Kitimat, Terrace Teachers Unions hopeful following public consultation meeting

John Crawford


The co-presidents of the Coast Mountain Teachers Federation are guardedly optimistic, following the first public consultation meeting held by School District 82 last night in Thornhill.

Michael Wen, who is president of the Terrace District Teachers Union, and Kim Meyer, who heads up the Kitimat District Teachers Federation, say the school board has taken small steps to address the recommendations made by consultant Dianne Turner, following non-confidence votes by the teachers last spring and widespread protests over administrator reassignments.

Turner's report makes 12 recommendations, many of which deal with improving communications and the consultation process. 

It also recommends a review of the formal process for compaints to be heard by the board, something Turner says was clearly indicated by members of the community. 

Acting Superintendent Janet Meyer went through the recommendations one by one, and outlined steps the district is taking to address them.

And she insisted that all decisions are made with the best interests of students at the centre.

"Kids ought to be at the centre of everything we do," she said.


Wen says there's still much to do, but last night's meeting was a positive first step.

"There's evidence that they're looking at the recommendations made by Dianne Turner and they're trying to affect a change in this district, hopefully a positive change," said Wen, adding the jury's still out on that; I think this is more evidence to me that the trustees want a change, CMTF has had a couple of meetings with trustees and they have been speaking about making a change and a positive change."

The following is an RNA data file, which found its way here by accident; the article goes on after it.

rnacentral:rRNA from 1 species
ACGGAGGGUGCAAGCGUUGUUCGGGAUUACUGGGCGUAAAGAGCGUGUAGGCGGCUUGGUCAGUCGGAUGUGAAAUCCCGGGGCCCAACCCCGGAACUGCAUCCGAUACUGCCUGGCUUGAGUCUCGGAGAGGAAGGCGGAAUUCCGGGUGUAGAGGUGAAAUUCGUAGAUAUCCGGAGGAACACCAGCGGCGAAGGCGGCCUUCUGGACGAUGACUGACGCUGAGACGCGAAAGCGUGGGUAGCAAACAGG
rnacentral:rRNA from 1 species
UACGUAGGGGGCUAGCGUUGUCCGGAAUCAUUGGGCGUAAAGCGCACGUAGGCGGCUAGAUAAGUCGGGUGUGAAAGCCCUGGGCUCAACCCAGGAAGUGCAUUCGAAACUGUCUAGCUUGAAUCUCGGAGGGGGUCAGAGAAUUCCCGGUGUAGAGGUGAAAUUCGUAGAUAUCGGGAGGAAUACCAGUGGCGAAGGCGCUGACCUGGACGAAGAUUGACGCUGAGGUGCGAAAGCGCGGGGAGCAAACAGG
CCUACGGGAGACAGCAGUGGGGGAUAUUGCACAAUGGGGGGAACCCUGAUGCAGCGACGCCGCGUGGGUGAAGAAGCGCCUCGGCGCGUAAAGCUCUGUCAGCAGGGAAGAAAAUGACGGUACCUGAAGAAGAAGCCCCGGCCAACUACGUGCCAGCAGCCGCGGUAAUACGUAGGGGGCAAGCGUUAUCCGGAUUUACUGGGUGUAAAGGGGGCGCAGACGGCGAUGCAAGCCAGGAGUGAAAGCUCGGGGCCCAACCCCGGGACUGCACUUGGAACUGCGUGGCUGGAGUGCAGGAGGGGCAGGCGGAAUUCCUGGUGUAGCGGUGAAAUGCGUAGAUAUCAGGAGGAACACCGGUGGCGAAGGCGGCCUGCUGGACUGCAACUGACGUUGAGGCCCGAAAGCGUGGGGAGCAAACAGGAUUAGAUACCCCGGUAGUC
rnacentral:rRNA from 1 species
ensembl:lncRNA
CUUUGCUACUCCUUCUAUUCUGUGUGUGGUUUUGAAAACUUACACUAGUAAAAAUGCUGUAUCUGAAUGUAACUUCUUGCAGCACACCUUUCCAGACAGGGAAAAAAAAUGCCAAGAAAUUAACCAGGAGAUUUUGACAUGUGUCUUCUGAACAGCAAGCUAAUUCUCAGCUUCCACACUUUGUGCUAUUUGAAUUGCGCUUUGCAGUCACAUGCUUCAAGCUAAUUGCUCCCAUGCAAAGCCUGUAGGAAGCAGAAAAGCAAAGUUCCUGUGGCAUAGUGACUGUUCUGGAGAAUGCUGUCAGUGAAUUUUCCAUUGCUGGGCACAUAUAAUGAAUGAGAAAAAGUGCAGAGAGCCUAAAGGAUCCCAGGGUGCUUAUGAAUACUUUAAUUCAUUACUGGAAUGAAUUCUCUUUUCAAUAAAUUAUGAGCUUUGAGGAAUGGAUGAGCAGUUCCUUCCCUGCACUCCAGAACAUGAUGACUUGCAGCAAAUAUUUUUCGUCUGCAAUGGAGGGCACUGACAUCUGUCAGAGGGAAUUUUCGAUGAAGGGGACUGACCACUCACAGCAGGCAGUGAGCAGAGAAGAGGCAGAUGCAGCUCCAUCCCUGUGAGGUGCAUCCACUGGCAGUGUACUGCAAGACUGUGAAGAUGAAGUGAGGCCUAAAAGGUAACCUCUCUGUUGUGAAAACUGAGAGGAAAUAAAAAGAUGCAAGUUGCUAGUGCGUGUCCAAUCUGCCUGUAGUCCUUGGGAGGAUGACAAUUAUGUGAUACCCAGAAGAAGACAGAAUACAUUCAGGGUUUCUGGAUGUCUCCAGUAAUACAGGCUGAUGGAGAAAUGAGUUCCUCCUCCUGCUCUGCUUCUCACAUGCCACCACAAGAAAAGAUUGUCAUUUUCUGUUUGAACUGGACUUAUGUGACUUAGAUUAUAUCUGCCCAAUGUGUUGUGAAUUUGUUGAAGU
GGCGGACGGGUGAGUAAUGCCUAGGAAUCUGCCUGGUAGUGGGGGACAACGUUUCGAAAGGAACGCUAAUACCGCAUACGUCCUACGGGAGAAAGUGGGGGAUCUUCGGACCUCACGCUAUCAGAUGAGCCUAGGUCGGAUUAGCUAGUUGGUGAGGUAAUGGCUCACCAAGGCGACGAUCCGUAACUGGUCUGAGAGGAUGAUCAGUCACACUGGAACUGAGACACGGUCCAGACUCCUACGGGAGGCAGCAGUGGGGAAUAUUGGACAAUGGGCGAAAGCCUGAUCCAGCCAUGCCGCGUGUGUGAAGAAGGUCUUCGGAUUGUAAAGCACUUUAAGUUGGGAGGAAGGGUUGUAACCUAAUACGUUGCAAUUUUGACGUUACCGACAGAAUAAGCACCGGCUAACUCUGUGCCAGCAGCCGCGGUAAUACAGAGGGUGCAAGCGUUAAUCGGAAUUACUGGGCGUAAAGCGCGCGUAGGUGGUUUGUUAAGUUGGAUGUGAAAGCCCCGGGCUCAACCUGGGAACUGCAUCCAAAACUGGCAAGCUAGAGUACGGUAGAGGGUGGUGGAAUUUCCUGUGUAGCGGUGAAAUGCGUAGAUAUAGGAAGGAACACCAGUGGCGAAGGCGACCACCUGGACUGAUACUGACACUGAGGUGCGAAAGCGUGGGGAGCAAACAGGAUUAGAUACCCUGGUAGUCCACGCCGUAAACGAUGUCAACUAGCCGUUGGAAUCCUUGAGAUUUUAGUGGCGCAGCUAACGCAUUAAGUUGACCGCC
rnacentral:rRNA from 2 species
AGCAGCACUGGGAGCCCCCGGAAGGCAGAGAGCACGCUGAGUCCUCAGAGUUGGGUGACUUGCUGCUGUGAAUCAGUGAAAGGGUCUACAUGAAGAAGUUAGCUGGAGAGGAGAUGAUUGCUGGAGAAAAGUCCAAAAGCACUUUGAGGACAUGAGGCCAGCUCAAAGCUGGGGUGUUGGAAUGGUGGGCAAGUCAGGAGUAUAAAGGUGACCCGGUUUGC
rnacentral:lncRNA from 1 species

[Kim Meyer (Kitimat District Teachers Federation), Michael Wen (Terrace District Teachers Union) at CMSD public consultation meeting in Thornhill Dec 11, 2019 -- Hillary Johnson CFTK]

Kim Meyer was also hopeful, saying "I think there were a lot of good ideas that came forward; I'm a little disappointed there aren't any answers yet so I'm looking forward to those, and I'm looking forward to the action plan that comes out of this and I'm looking forward to future meetings like this one."

But she also didn't feel teachers were really being heard.

"I don't!  I don't, because like I said, I think in order to move forward, you have to acknowledge the past and there are things that have gone on that have not been acknowledged, and so far no one is willing to talk to us."

They both said one of the greatest challenges facing the School District is an acute teachers shortage.

Acting Superintendent Meyer said that's not a situation unique to District 82, and that administration is actively recruiting across the country and beyond.

She also said that she thought the public felt a sense of relief at having their voices heard at last night's meeting.

Board Chair Shar McCrory said it hasn't been decided if there will be another public forum like this in the near future, but says in the meantime, the public can provide feedback through an email address, and that the board will continue to work with partner groups as well as community members and students.

[Reported by Hillary Johnson]

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